POKEY interrupts: the IRQ service uses and alters this location. Shadow for 53774 ($D20E). POKE with 112 ($70; also POKE this same value into 53774) to disable the BREAK key. If the following bits are set (to one), then these interrupts arc enabled (bit decimal values are in parentheses):


7 128 The BREAK key is enabled.
6 64 The "other key" interrupt is enabled.
5 32 The serial input data ready interrupt is enabled.
4 16 The serial output dam required interrupt is enabled.
3 8 The serial out transmission finished interrupt is enabled.
2 4 The POKEY timer four interrupt is enabled (only in the "B" or later versions of the OS ROMs).
1 2 The POKEY timer two interrupt is enabled.
0 1 The POKEY timer one interrupt is enabled


17 11 BRKKEY
Zero means the BREAK key is pressed; any other number means it's not. A BREAK during 1/O returns 128 ($80). Monitored by both keyboard, display, cassette and screen handlers.


18,19,20 12,13,14 RTCLOK
Internal realtime clock. Location 20 increments every stage one VBLANK interrupt (1/60 second = one jiffy) until it reaches 255 ($FF); then location 19 is incremented by oncand 20 a reset to zero (every 4.27 seconds). When location 19 reaches 255, it and 20 are reset to zero and location 18 is incremented by one (every 18.2 minutes or 65536 TV frames).


21,22 15,16 BUFADR
Indirect buffer address register (page zero). Temporary pointer to the current disk buffer.


23 17 ICCOMT
Command for CIO vector. Stores the CIO command; used to find the offset in the command table for the correct vector to the handler routine.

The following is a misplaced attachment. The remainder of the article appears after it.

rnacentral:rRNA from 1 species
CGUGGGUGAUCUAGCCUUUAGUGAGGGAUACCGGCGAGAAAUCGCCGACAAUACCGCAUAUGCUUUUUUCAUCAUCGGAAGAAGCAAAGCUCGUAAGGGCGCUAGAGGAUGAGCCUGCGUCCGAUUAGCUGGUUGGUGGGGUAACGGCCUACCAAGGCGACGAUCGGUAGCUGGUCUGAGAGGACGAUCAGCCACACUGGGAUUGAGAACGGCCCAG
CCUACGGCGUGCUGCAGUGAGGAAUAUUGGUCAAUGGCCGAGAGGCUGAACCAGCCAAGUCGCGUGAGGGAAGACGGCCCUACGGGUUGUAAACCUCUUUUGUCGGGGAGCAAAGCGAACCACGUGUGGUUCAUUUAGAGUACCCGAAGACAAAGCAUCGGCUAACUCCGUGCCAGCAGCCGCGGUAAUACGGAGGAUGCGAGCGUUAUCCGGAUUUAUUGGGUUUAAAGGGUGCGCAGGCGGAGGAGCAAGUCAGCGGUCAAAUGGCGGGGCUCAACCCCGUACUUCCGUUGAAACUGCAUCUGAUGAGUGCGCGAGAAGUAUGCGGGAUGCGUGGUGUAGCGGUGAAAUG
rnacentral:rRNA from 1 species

24,25 18,19 DSKFMS
Disk file manager pointer. Called JMPTBL by DOS; used as vector to FMS.


26,27 1A,1B DSKUTL
The disk utilities pointer. Called BUFADR by DOS, it points to the area saved for a buffer for the utilities package (data buffer; DBUF) or for the program area (MEMLO; 743, 744; $2E7, $2E8).


Printer timeout, called every printer status request. Initialized to 30, which represents 32 seconds (the value is 64 seconds per 60 increments in this register); typical timeout for the Atari 825 printer is five seconds. The value is set by your printer handler software. It is updated after each printer status request operation. It gets the specific timeout status from location 748 ($2EC), which is loaded there by SIO.


Print buffer pointer; points to the current position (byte) in the print buffer. Ranges from zero to the value in location 30.


Print buffer size of printer record for current mode. Normal buffer size and line size equals 40 bytes; double-width print equals 20 bytes (most printers use their own control codes for expanded print); sideways printing equals 29 bytes (Atari 820 printer only). Printer status request equals four. PBUFSZ is initialized to 40. The printer handler checks to see if the same value is in PBPNT and, if so, sends the contents of the buffer to the printer.


Temporary register used by the printer handler for the value of the character being output to the printer.


Locations 32 to 47 ($20 to $2F) are the ZIOCB: Page zero Input-Output control Block. They use the same structure as the IOCB's at locations 832 to 959 ($340 to $3BF). The ZIOCB is used to communicate I/O control data between CIO and the device handlers. When a CIO operation is initiated, the information stored in the IOCB channel is moved here for use by the CIO routines. When the operation is finished, the updated information is returned to the user area.

32 20 ICHIDZ
Handler index number. Set by the OS as an index to the device name table for the currently open file. If no file is open on this IOCB (IOCB free), then this register is set to 255 ($FF).


33 21 ICDNOZ
Device number or drive number. Called MAXDEV by DOS to indicate the maximum number of devices. Initialized to one.


34 22 ICCOMZ
Command code byte set by the user to define how the rest of the IOCB is formatted, and what I/O action is to be performed.


35 23 ICSTAZ